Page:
Other stuff

  • Took some time with the rest of the open textbook team this week for a celebratory lunch.
  • Met with the Faculty Fellows this week. All are going to be busy at various events around the province in the coming months presenting and talking about open textbooks. We have also been going over the findings of the faculty survey we did earlier this year with the OER Research Hub. The findings will form the basis of their presentation at the Open Textbook Summit in May. We’ll also be releasing the results on the website over the summer.
  • Got the new @bcopentext Twitter account up and running.
  • Annoying login problem popping up with Pressbooks Textbook since we changed the login path in an attempt to stem the brute force attack that shows no signs of waning. Basically, if you are in as an editor or author in multiple books on the platform, you are being forced to log in twice. It may be an inconvenience we have to live with on our local platform (others who install Pressbooks Textbooks won’t have this issue – it’s something specific to our instance as a result of the persistent attack we have on our servers). Times like these, I am so grateful to have the skills of seasoned network administrators to rely on. I’ve spent too much time in the six stages of grief throughout my WordPress loving life.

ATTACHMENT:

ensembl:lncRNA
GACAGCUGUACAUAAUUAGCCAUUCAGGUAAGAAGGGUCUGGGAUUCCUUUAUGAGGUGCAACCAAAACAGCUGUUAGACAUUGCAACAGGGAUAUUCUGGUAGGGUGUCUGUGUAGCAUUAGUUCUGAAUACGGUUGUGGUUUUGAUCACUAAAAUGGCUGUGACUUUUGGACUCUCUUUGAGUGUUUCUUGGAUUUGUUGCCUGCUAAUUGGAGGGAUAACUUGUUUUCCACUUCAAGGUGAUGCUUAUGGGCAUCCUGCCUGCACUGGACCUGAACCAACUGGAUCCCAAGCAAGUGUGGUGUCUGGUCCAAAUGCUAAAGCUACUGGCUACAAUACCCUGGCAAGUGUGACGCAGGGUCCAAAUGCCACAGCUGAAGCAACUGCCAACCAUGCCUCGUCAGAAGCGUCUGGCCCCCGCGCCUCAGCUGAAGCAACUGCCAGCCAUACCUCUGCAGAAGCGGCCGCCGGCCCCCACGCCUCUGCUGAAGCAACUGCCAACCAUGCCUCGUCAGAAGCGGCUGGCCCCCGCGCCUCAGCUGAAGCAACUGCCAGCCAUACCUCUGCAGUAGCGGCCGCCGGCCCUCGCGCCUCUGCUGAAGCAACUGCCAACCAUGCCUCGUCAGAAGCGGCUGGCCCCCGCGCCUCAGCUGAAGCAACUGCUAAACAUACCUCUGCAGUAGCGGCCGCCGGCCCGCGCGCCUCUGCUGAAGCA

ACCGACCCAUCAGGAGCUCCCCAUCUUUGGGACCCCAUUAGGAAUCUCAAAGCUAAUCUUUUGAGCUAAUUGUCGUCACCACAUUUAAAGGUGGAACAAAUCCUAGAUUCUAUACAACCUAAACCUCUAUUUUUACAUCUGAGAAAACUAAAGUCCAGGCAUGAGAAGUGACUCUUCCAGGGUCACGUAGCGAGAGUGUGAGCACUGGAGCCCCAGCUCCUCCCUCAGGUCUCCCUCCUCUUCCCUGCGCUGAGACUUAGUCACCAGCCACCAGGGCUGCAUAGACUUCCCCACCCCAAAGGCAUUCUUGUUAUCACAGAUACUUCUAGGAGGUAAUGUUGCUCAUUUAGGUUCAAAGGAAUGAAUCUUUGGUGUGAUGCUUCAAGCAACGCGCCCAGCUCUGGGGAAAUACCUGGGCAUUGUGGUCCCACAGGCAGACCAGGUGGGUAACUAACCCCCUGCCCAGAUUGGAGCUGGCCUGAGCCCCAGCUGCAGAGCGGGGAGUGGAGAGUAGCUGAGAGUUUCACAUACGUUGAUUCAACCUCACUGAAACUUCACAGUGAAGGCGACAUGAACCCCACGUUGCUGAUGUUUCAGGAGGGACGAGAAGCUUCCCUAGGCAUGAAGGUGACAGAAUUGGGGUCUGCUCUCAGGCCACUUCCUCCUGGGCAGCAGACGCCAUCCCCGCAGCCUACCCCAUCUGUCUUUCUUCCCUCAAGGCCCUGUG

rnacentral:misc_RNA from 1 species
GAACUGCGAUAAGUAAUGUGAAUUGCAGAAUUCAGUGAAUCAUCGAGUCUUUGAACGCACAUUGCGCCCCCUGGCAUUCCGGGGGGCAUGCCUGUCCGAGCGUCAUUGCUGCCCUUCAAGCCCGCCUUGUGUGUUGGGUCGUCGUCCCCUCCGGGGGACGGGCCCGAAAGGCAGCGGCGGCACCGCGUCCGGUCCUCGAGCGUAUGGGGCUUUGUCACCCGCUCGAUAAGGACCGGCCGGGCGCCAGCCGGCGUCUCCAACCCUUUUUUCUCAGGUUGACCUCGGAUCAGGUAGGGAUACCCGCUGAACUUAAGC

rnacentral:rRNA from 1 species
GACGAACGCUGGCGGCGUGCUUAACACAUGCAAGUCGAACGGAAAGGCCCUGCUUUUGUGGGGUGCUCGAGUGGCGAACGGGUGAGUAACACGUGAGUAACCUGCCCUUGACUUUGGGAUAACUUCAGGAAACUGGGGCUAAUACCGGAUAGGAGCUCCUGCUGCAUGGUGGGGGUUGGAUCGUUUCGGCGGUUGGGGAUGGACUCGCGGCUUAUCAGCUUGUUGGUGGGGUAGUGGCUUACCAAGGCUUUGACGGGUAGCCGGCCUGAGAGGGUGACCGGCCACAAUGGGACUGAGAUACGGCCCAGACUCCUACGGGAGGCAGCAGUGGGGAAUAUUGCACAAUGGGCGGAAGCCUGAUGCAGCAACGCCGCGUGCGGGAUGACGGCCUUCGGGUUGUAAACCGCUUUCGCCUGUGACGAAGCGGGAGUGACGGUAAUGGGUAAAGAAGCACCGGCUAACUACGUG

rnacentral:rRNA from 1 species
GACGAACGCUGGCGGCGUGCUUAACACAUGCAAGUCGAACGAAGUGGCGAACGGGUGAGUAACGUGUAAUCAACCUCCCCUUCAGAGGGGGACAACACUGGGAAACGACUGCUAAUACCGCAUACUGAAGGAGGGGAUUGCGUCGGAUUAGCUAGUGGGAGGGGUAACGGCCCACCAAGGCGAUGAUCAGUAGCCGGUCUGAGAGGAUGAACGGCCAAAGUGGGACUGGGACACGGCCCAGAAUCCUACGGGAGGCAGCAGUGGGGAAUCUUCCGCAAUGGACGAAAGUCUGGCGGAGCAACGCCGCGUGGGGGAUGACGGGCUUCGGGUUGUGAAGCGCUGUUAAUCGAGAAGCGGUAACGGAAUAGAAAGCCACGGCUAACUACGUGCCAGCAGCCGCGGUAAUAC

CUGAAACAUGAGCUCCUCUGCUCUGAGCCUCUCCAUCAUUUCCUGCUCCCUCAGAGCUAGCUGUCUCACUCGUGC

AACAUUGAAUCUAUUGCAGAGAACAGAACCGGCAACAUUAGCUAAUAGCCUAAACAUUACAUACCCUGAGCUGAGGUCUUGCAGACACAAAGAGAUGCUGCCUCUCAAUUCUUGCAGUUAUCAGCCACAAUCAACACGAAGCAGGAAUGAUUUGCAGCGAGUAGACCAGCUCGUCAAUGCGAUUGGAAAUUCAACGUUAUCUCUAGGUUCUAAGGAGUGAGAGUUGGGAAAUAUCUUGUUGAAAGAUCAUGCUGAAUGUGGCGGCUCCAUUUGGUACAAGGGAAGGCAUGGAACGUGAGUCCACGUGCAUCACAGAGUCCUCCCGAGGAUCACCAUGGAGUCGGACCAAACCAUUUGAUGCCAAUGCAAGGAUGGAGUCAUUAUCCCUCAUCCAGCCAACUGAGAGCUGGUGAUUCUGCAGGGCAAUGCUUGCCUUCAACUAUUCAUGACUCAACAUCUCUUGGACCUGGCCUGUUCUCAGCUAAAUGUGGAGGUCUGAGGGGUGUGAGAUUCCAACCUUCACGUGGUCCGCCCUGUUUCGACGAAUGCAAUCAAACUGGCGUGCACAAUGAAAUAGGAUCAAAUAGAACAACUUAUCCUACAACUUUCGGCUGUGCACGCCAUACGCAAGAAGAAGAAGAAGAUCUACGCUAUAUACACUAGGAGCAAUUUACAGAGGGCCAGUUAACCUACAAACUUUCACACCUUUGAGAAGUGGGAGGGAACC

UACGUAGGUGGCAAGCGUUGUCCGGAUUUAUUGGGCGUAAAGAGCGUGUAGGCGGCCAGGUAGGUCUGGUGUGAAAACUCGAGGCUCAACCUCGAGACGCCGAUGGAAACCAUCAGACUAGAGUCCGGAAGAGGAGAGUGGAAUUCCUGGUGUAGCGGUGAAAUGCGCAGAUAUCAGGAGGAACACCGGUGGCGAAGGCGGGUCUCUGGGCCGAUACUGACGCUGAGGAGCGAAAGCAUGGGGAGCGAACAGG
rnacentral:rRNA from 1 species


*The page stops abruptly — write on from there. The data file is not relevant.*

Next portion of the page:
• Attended a presentation at my kids school on Internet Safety for Parents by Darren Laur. I was dreading this presentation since it was pitched to our school PAC a few months ago thinking it would be full of fear mongering. It didn’t make me feel much better after Googling about the presentation and finding out that Darren puts on the persona of a white hat hacker and creeps kids social media profiles befriending them as a 16 year old girl prior to doing his school presentations. Ick. Instead I was pleasantly surprised to see Darren present a pretty balanced view of digital citizenship. He made it a point to stress to the 50 or so parents in the audience that “your kids are doing some amazing things” and being positive digital citizens. I wish there was just as much emphasis on the role that schools should be playing in helping to create those digital citizens (I am still appalled at the lack of digital literacy education in my kids school curriculum) rather than placing the entire load on many parents to cultivate digital citizens, but overall I thought the presentation was good and not as fear monger-ish as I had expected.